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The Ghosts of Cumbria
The Ghosts of Cumbria
Ghosts inhabit every corner of the ancient counties of Cumberland and Westmorland. Laurie Kemp has ventured fearlessly among the lakes and fells to uncover the stories of the uneasy spirits that lurk in dark and eerie houses.
Here are the tales of the hangman of Brigham, the ghost of James Lowther, the headless ghost of Hutton Hall and many more/
'Gill House is a fine old farmhouse nestling in a wooded dell near Bromfield, Aspatria. It can lay claim to being one of the most haunted houses in Cumbria. There are possibly four or five ghosts involved. All have been seen and thoroughly investigated.
During the war the house was used as a hostel for Land Army Girls. The Daily Dispatch at the time reported, “One night last week the whole dormitory was thrown into panic by the screams of one girl who declared she had suddenly awakened with the feeling that she was being strangled and pulled through the bed.”
A seasoned investigator, a Mrs Helen Parkin, together with the Reverend Murray of Ainstable and his wife, were called in. Their experiences were even more remarkable. Mrs Parkin talked of footsteps that were “loud and clear and came straight through the head of the bed. He stood right next to me and there was a loud noise. All the warmth was taken out of the room.”
Later the presence came back, tapping on the wall. “Then we all got a wave of the most filthy smell,” a smell that Rev. Murray had only encountered once before at a funeral when the coffin leaked.
The ghost may have been that of an eighteenth century Satanist known as Gerald Reay who had stolen the consecrated Host from St Kentigern’s Church, or it may have been that of his grandson, Jackson, who had murdered his wife, or it may have been the mysterious figure who was often seen dragging a long-hired through the churchyard at Bromfield.
What is not in doubt, it seems, is the fact of there being a presence. The existence of the ghost was attested by other authorities, including Canon Phythian Adams of Carlisle Cathedral.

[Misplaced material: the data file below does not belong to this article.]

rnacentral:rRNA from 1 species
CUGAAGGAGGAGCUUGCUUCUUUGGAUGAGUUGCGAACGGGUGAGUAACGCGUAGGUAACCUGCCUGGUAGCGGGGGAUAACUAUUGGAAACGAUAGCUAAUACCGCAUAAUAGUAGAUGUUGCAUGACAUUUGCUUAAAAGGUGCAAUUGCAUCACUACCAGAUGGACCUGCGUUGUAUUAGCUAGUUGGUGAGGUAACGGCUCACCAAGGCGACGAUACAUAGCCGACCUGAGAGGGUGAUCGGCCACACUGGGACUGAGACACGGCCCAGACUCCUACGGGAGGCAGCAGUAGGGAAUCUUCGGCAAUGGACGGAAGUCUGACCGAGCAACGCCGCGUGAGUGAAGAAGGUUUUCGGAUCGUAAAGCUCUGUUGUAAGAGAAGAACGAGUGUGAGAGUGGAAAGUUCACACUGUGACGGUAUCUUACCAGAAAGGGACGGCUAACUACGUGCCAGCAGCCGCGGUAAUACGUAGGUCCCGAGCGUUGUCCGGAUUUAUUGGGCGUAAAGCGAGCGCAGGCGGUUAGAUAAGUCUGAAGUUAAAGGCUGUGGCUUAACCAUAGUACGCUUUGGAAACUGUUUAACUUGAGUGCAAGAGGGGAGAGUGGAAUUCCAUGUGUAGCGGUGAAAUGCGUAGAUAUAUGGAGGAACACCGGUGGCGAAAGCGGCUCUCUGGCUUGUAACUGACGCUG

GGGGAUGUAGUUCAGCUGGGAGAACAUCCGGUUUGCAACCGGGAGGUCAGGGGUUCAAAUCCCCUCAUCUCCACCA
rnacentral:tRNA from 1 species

Another clergyman, a Dr Henry Askew of Greystoke, testified to eerie happenings at Corby Castle in 1803. He woke in the early hours of the morning to see “a glimmer in the centre of the room, which suddenly increased to a bright flame. I looked out apprehending that something had caught fire when, to my amazement, I beheld a beautiful boy, clothed in white, with bright locks resembling gold, standing by my bedside. He then glided towards the side of the chimney where there is obviously no egress, and entirely disappeared.”
An equally aristocratic house, Workington Hall, also appears to play host to ghosts. Again it is a clergyman who bears witness. Patricius Lamplugh Curwen was resting after hunting with his dogs when a door opened. No person came through but the dogs appeared to fix their gaze as though they followed someone going to an armchair, sitting down, and then returning to the door and closing it. The experience of the several people in the room at the time was uncanny.
Other Cumbrian homes can lay equal claim to supernatural presences. Hutton Hall possesses or is possessed by a headless lady. Mrs Humphrey Ward wrote of the ghost of Wordsworth being seen at Rydal Hall. Sizergh Castle has a ghost chamber.
Well-known local journalist, Laurie Kemp has done extensive research into the ghosts of Cumbria. He has visited all the key locations, read the dusty manuscripts and even seen a ghost himself.
That was in the days when he was working on the now defunct Carlisle Journal. The offices were between English Street and Blackfriars Street where Marks and Spencers now stands. Laurie returned late at night, after a convivial evening at the Crown and Mitre, only to be aware of footsteps slowly descending an open staircase. No person was present, just the footsteps slowly descending the staircase. It might have been the ghost of a despairing editor or it might have been one of the uneasy sprits buried in St Cuthbert’s Churchyard. There were tales that the notorious body-snatchers Burke and Hare had operated in the area in the 1820s and there had been reports of empty coffins.
It takes a certain kind of sensitivity to investigate the occult and supernatural. Laurie is a hardened journalist, willing to stare intently into the mysterious unknown, ready to follow wherever good copy leads.
When it comes to ghosts, there’s a lot of good copy in Cumbria.' - Steve Matthews, Bookcase.
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